Internships have never been more popular. According to the New York Times, the number of interns toiling for free has increased 30 percent in just three years, and internship guides, growing fatter every year, list anywhere between 50,000 to 100,000 positions. As tales of layoffs, “downsizing,” and “rightsizing” (you only get one guess as to what that means) continue to flood the general business and mass market publications, internships are invariably presented as a refreshing bright spot of “opportunity” for the younger generation.
Don’t worry that “cost controls and job cuts in the 1990s pushed many companies to shrink their training and recruiting departments,” counsels an article in the December 4, 1996 New York Times. Big business is still looking out for you and “the surge in internships has created new opportunities for people like Jim Morabito,” a guy who, it turns out, held four internships before he even hit his senior year in college. While the vagaries of the information age visit hardship and ruination on families, towns, and entire regions, the intern economy is humming along unhindered, ballooning constantly, becoming an increasingly significant yet largely invisible segment of the American workforce. A study by Northwestern University determined that 26 percent of college graduates hired in 1993 had done some type of internship, compared to only 9 percent in 1992, and according to the author of the Student’s Guide to Volunteering, volunteering alone comprises a $176 billion industry. Training may have been the paid beginning of your father’s first job, but today you’re supposed to get it on your own, often on your own tab.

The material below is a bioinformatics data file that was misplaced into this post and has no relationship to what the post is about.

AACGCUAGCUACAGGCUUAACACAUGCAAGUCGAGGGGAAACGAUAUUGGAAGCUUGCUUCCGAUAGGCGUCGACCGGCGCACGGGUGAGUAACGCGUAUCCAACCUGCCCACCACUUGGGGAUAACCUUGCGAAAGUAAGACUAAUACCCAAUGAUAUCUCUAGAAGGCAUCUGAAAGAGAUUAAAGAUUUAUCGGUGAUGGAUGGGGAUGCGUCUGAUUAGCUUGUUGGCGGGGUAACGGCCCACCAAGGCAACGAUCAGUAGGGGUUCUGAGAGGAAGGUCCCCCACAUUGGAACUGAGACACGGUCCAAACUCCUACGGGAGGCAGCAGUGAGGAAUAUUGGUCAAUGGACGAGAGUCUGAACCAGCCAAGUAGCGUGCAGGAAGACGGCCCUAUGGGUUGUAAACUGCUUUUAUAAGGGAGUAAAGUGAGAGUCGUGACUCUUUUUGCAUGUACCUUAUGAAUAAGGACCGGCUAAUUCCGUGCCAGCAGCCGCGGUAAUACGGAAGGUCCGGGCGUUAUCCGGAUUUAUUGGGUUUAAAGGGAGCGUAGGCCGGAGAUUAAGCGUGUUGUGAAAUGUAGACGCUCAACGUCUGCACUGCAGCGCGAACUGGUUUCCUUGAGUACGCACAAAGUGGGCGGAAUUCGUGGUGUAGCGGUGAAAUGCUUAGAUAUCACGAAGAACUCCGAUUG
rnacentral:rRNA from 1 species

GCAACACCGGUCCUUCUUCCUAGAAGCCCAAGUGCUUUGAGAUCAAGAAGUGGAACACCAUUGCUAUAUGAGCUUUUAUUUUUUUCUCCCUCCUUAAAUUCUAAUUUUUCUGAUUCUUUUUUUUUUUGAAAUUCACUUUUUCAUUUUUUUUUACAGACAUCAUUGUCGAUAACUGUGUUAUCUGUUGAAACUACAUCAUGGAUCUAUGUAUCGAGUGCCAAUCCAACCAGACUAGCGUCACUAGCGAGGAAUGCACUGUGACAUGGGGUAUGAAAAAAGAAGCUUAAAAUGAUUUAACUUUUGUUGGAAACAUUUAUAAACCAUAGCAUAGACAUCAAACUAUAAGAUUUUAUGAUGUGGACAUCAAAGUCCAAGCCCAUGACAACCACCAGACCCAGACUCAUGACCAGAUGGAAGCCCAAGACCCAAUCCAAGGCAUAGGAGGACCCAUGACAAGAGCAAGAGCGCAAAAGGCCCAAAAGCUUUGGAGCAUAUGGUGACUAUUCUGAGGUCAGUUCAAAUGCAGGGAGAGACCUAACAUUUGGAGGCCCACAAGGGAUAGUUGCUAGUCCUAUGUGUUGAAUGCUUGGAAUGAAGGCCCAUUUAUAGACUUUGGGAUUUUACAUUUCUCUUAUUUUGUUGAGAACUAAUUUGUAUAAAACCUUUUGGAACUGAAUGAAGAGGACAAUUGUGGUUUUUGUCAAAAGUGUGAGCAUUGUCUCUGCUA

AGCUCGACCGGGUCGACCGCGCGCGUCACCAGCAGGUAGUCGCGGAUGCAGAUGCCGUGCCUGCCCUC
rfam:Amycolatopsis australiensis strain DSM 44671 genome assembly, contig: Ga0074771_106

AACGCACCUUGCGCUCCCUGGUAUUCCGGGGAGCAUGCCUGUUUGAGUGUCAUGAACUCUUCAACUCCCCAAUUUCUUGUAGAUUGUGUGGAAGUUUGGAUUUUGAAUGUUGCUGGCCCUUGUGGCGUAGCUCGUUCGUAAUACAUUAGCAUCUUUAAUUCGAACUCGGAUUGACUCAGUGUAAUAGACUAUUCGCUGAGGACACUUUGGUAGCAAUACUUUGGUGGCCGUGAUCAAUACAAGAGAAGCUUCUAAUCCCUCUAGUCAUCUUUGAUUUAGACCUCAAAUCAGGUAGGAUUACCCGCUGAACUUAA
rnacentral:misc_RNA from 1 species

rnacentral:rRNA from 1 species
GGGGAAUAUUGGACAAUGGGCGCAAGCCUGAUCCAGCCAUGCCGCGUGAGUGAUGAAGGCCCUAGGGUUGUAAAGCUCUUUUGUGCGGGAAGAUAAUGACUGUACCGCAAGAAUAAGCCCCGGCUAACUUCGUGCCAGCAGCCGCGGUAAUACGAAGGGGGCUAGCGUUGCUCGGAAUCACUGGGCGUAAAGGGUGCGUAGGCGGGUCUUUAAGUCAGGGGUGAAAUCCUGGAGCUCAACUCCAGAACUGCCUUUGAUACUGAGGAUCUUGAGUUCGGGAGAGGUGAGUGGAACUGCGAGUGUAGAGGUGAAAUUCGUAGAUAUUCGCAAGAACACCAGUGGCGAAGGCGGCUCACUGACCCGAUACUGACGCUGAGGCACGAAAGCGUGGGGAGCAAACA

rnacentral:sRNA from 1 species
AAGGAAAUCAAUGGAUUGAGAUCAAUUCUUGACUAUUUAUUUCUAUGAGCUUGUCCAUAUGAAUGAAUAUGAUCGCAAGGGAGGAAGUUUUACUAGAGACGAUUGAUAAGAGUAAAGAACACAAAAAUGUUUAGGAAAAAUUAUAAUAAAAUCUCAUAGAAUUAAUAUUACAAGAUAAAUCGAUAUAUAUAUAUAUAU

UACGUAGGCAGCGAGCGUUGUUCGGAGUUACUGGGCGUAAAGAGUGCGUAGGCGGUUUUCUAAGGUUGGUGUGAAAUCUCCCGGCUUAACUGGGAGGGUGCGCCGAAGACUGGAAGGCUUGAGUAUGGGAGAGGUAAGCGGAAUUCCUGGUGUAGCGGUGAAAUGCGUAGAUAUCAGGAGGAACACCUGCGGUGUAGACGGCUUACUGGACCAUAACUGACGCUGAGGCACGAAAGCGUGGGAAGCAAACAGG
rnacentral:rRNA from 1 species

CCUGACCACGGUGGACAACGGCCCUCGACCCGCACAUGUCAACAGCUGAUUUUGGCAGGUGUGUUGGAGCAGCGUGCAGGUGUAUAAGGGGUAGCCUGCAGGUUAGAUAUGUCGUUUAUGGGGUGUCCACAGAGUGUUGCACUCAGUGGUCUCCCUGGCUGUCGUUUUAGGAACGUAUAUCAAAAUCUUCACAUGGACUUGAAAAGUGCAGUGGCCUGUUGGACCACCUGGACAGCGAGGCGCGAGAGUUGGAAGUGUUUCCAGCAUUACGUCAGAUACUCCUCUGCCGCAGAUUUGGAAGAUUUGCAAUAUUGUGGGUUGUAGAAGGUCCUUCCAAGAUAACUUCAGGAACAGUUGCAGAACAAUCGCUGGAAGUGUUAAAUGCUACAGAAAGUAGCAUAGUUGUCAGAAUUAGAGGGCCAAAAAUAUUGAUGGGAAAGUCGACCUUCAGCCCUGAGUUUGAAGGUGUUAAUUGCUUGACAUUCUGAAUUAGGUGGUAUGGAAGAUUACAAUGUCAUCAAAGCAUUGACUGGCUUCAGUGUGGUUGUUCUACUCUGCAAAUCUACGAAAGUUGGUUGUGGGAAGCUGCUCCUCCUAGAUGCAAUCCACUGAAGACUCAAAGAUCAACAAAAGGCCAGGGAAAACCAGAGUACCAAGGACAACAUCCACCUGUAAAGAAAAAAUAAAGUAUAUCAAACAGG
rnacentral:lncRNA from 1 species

With all the books, magazine articles, and pundits barraging us with an alarmingly unified rhetoric of, “Internships give you the edge in a competitive job market, “It’s a win-win situation for both employer and intern,” and “It’s not a job, it’s an education,” it’s easy to forget that internships are practically free money for big business. It’s easy to forget that the kids are getting royally screwed.
Somewhere over the past two or three decades, a secret and shrewdly undeclared war between the titans of the glamour industries and a small undefended segment of the labor pool has been fought, and labor has lost. By deft public relations maneuvering, innovation in the face of decreasing cash flow, and the merciless leveraging of an ever-younger, starry-eyed, and unwary segment of the population, the media mandarins have cemented the institution of the internship—working for free—as not merely an acceptable route up the corporate ladder, but the expected one. Tomorrow’s Mike Ovitzes, David Geffens, and Barry Dillers won’t have started in the mailroom at William Morris, they will have been interns there.
It’s safe to say that when 35 black sugar workers were shot dead while striking for a dollar a day in 1887 or when 500,000 Southern textile workers walked off the job in 1934, no one was thinking ahead to the summer of ’96 when Jessica from Swarthmore would be sweating over the green glow of the Xerox machine, logging hundreds of unpaid hours as an MTV intern, assuring herself that this doesn’t suck because now her CV will have “résumé radiance,” as the authors of America’s Top Internships like to put it. And granted, the intern class does not make a particularly sympathetic symbol of exploitation. It’s hard to care about the plight of privileged college students when they themselves have volunteered for—demanded, even—this demeaning servitude. The inconvenient fact remains, however, that labor laws apply even to the rich, white, naive, and stupid (all necessary attributes for being an unpaid intern). And just because these hopeful careerists don’t think of themselves as scabs, it doesn’t mean they aren’t.